Reasons for demanding a Greater Control of the Oil Business


1.  Principle of Derivation:  When groundnut cocoa, palm oil etc. were the mainstay of Nigeria’s economy, the principle of derivation based on 50/50% was the basis for allocating revenue.  The regions were able to use the money accruing from these resources to develop their infrastructure.  There was no argument about groundnut, cocoa, palm oil etc being the properties of all Nigerians.  The COCOA HOUSE in Ibadan is a product of derivation.  The regions that did not produce these agricultural products did not make it a do or die national issue.


The citizens of the Niger Delta cannot understand why oil is not allowed to operate under the same principle of derivation. They believe that the same standard should apply across the board, regardless of the product or the region.  They are convinced that the derivation formula was changed in order to transfer wealth from the oil-producing region to the non-oil producing regions since Nigerian leaders have generally originated from the non-oil producing regions.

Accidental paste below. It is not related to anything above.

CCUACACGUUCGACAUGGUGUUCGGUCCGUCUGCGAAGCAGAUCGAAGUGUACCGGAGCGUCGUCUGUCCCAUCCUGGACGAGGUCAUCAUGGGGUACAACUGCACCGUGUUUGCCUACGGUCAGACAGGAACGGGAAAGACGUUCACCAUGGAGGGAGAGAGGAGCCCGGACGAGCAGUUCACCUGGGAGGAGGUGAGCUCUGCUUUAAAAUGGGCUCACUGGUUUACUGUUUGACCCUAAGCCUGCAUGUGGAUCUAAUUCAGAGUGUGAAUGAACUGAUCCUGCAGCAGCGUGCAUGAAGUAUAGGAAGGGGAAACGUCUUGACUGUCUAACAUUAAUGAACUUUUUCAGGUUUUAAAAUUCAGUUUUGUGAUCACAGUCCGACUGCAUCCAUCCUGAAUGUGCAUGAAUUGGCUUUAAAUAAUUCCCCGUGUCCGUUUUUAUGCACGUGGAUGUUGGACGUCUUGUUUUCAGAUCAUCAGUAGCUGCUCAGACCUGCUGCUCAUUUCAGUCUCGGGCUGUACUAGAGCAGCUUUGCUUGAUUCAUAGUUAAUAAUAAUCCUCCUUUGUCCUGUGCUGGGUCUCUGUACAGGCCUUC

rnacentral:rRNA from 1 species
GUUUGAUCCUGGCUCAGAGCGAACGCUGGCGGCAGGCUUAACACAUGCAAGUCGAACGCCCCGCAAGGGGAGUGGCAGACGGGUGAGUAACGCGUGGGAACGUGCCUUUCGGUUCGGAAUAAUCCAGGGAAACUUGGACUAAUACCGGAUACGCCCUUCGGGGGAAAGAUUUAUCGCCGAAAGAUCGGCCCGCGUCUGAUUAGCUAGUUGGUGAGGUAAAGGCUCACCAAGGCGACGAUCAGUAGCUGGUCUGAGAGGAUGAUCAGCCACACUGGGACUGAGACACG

2.   Increase in Oil Revenue Allocation:  Based upon the principle of derivation, they want an increase in oil revenue allocation.  Currently, the Federal Government determines what the states get.   Generally, the rate of allocation is done arbitrarily, based upon political calculations of who is in power and which region is the most dominant force in the country.   The oil-producing communities abhor the arbitrariness of the allocation process.  Since oil became a mainstay of the national economy, the rates accruing to the oil-producing states have been variously set at 13%, 2%, 1%, and 13%.